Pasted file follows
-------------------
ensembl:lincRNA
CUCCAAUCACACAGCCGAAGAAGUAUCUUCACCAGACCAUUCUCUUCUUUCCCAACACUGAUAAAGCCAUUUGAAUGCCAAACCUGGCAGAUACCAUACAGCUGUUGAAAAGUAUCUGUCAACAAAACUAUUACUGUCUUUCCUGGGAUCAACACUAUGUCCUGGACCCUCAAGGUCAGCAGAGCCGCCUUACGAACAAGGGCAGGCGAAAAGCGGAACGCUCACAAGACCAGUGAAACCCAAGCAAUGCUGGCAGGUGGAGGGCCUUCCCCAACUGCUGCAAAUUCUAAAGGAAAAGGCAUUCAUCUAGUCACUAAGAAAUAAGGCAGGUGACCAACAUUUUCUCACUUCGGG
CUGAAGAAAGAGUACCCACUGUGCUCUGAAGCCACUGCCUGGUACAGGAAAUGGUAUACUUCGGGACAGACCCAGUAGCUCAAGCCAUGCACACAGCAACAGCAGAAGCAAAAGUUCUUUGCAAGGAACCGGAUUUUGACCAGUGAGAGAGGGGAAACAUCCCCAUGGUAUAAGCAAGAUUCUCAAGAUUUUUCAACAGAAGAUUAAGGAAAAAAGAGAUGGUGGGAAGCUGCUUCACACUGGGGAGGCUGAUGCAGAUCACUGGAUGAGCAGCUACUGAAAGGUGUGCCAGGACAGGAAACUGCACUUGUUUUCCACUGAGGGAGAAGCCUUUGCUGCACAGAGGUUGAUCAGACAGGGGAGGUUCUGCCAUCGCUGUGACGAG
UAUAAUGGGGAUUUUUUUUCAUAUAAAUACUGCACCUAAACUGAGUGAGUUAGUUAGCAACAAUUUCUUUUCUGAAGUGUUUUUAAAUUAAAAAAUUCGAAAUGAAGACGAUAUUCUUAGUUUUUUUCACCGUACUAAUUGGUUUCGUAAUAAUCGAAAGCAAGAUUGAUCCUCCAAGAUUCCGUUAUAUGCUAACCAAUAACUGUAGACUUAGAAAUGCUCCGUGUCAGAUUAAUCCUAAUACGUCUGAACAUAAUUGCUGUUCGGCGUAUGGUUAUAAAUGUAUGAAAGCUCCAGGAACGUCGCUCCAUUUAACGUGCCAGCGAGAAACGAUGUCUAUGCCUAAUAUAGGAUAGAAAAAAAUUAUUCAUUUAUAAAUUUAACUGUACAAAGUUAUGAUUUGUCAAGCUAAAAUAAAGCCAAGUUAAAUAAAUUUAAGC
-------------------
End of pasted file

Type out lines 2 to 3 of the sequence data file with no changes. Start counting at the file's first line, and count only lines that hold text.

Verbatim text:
CUCCAAUCACACAGCCGAAGAAGUAUCUUCACCAGACCAUUCUCUUCUUUCCCAACACUGAUAAAGCCAUUUGAAUGCCAAACCUGGCAGAUACCAUACAGCUGUUGAAAAGUAUCUGUCAACAAAACUAUUACUGUCUUUCCUGGGAUCAACACUAUGUCCUGGACCCUCAAGGUCAGCAGAGCCGCCUUACGAACAAGGGCAGGCGAAAAGCGGAACGCUCACAAGACCAGUGAAACCCAAGCAAUGCUGGCAGGUGGAGGGCCUUCCCCAACUGCUGCAAAUUCUAAAGGAAAAGGCAUUCAUCUAGUCACUAAGAAAUAAGGCAGGUGACCAACAUUUUCUCACUUCGGG
CUGAAGAAAGAGUACCCACUGUGCUCUGAAGCCACUGCCUGGUACAGGAAAUGGUAUACUUCGGGACAGACCCAGUAGCUCAAGCCAUGCACACAGCAACAGCAGAAGCAAAAGUUCUUUGCAAGGAACCGGAUUUUGACCAGUGAGAGAGGGGAAACAUCCCCAUGGUAUAAGCAAGAUUCUCAAGAUUUUUCAACAGAAGAUUAAGGAAAAAAGAGAUGGUGGGAAGCUGCUUCACACUGGGGAGGCUGAUGCAGAUCACUGGAUGAGCAGCUACUGAAAGGUGUGCCAGGACAGGAAACUGCACUUGUUUUCCACUGAGGGAGAAGCCUUUGCUGCACAGAGGUUGAUCAGACAGGGGAGGUUCUGCCAUCGCUGUGACGAG